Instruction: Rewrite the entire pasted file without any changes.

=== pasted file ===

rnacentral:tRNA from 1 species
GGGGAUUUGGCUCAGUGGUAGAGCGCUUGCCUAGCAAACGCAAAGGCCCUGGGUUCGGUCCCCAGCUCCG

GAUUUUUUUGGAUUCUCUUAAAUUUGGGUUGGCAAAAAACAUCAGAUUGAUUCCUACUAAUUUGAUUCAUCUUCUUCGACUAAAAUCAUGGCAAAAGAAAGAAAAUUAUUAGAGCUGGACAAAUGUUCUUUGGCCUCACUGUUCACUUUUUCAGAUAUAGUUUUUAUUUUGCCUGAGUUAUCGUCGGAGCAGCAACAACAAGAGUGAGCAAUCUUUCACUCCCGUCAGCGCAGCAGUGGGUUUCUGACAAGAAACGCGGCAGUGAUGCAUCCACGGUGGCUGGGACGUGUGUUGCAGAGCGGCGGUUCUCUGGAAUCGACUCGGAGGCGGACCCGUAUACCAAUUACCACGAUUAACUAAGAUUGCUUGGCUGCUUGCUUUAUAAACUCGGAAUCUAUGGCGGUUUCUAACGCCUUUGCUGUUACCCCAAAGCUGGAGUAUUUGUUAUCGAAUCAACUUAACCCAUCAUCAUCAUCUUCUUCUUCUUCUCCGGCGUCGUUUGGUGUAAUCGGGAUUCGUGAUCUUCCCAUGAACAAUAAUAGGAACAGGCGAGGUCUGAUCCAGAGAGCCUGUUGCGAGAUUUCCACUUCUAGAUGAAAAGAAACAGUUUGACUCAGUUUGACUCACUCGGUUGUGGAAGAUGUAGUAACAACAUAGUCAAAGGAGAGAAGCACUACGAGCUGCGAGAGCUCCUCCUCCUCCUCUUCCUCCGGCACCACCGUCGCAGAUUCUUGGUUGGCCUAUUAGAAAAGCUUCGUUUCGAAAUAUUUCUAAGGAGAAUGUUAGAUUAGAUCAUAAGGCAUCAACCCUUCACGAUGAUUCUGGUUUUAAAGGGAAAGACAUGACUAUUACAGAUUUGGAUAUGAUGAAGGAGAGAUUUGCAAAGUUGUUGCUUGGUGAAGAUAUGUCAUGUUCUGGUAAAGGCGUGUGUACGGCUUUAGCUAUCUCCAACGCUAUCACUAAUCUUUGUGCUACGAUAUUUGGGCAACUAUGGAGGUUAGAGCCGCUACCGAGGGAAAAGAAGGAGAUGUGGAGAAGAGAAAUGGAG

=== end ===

rnacentral:tRNA from 1 species
GGGGAUUUGGCUCAGUGGUAGAGCGCUUGCCUAGCAAACGCAAAGGCCCUGGGUUCGGUCCCCAGCUCCG

GAUUUUUUUGGAUUCUCUUAAAUUUGGGUUGGCAAAAAACAUCAGAUUGAUUCCUACUAAUUUGAUUCAUCUUCUUCGACUAAAAUCAUGGCAAAAGAAAGAAAAUUAUUAGAGCUGGACAAAUGUUCUUUGGCCUCACUGUUCACUUUUUCAGAUAUAGUUUUUAUUUUGCCUGAGUUAUCGUCGGAGCAGCAACAACAAGAGUGAGCAAUCUUUCACUCCCGUCAGCGCAGCAGUGGGUUUCUGACAAGAAACGCGGCAGUGAUGCAUCCACGGUGGCUGGGACGUGUGUUGCAGAGCGGCGGUUCUCUGGAAUCGACUCGGAGGCGGACCCGUAUACCAAUUACCACGAUUAACUAAGAUUGCUUGGCUGCUUGCUUUAUAAACUCGGAAUCUAUGGCGGUUUCUAACGCCUUUGCUGUUACCCCAAAGCUGGAGUAUUUGUUAUCGAAUCAACUUAACCCAUCAUCAUCAUCUUCUUCUUCUUCUCCGGCGUCGUUUGGUGUAAUCGGGAUUCGUGAUCUUCCCAUGAACAAUAAUAGGAACAGGCGAGGUCUGAUCCAGAGAGCCUGUUGCGAGAUUUCCACUUCUAGAUGAAAAGAAACAGUUUGACUCAGUUUGACUCACUCGGUUGUGGAAGAUGUAGUAACAACAUAGUCAAAGGAGAGAAGCACUACGAGCUGCGAGAGCUCCUCCUCCUCCUCUUCCUCCGGCACCACCGUCGCAGAUUCUUGGUUGGCCUAUUAGAAAAGCUUCGUUUCGAAAUAUUUCUAAGGAGAAUGUUAGAUUAGAUCAUAAGGCAUCAACCCUUCACGAUGAUUCUGGUUUUAAAGGGAAAGACAUGACUAUUACAGAUUUGGAUAUGAUGAAGGAGAGAUUUGCAAAGUUGUUGCUUGGUGAAGAUAUGUCAUGUUCUGGUAAAGGCGUGUGUACGGCUUUAGCUAUCUCCAACGCUAUCACUAAUCUUUGUGCUACGAUAUUUGGGCAACUAUGGAGGUUAGAGCCGCUACCGAGGGAAAAGAAGGAGAUGUGGAGAAGAGAAAUGGAG